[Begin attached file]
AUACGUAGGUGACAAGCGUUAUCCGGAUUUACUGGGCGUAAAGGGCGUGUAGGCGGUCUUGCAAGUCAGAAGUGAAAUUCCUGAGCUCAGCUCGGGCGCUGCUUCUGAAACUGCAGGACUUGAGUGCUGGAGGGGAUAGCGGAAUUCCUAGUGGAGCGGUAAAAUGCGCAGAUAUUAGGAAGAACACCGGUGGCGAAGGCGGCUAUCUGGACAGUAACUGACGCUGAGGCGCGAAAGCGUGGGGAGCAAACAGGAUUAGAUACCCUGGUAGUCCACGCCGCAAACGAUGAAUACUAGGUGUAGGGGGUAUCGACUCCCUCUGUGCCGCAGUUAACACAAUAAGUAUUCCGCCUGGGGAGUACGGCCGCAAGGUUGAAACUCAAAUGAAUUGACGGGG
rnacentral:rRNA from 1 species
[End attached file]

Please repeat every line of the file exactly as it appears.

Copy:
AUACGUAGGUGACAAGCGUUAUCCGGAUUUACUGGGCGUAAAGGGCGUGUAGGCGGUCUUGCAAGUCAGAAGUGAAAUUCCUGAGCUCAGCUCGGGCGCUGCUUCUGAAACUGCAGGACUUGAGUGCUGGAGGGGAUAGCGGAAUUCCUAGUGGAGCGGUAAAAUGCGCAGAUAUUAGGAAGAACACCGGUGGCGAAGGCGGCUAUCUGGACAGUAACUGACGCUGAGGCGCGAAAGCGUGGGGAGCAAACAGGAUUAGAUACCCUGGUAGUCCACGCCGCAAACGAUGAAUACUAGGUGUAGGGGGUAUCGACUCCCUCUGUGCCGCAGUUAACACAAUAAGUAUUCCGCCUGGGGAGUACGGCCGCAAGGUUGAAACUCAAAUGAAUUGACGGGG
rnacentral:rRNA from 1 species